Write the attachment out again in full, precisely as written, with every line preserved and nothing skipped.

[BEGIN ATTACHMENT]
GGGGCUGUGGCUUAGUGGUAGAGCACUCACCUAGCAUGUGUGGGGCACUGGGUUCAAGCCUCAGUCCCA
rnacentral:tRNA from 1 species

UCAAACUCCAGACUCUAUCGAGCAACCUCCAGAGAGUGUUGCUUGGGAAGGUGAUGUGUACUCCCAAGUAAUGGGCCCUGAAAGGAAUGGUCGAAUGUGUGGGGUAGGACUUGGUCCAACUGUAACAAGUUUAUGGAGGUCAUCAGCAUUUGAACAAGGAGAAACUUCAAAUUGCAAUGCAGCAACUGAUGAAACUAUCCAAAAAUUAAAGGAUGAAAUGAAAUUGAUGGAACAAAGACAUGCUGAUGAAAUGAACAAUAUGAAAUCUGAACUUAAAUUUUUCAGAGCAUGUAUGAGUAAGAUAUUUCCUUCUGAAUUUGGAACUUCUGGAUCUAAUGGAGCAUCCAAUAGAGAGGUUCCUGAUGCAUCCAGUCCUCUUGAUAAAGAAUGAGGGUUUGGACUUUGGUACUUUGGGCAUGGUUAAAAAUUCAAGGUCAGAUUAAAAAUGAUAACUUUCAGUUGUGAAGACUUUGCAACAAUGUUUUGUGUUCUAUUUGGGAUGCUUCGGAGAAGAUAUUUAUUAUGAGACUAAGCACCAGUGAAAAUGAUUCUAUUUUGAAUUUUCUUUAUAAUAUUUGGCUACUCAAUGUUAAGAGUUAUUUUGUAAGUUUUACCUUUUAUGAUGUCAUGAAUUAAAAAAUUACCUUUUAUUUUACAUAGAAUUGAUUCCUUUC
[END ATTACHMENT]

GGGGCUGUGGCUUAGUGGUAGAGCACUCACCUAGCAUGUGUGGGGCACUGGGUUCAAGCCUCAGUCCCA
rnacentral:tRNA from 1 species

UCAAACUCCAGACUCUAUCGAGCAACCUCCAGAGAGUGUUGCUUGGGAAGGUGAUGUGUACUCCCAAGUAAUGGGCCCUGAAAGGAAUGGUCGAAUGUGUGGGGUAGGACUUGGUCCAACUGUAACAAGUUUAUGGAGGUCAUCAGCAUUUGAACAAGGAGAAACUUCAAAUUGCAAUGCAGCAACUGAUGAAACUAUCCAAAAAUUAAAGGAUGAAAUGAAAUUGAUGGAACAAAGACAUGCUGAUGAAAUGAACAAUAUGAAAUCUGAACUUAAAUUUUUCAGAGCAUGUAUGAGUAAGAUAUUUCCUUCUGAAUUUGGAACUUCUGGAUCUAAUGGAGCAUCCAAUAGAGAGGUUCCUGAUGCAUCCAGUCCUCUUGAUAAAGAAUGAGGGUUUGGACUUUGGUACUUUGGGCAUGGUUAAAAAUUCAAGGUCAGAUUAAAAAUGAUAACUUUCAGUUGUGAAGACUUUGCAACAAUGUUUUGUGUUCUAUUUGGGAUGCUUCGGAGAAGAUAUUUAUUAUGAGACUAAGCACCAGUGAAAAUGAUUCUAUUUUGAAUUUUCUUUAUAAUAUUUGGCUACUCAAUGUUAAGAGUUAUUUUGUAAGUUUUACCUUUUAUGAUGUCAUGAAUUAAAAAAUUACCUUUUAUUUUACAUAGAAUUGAUUCCUUUC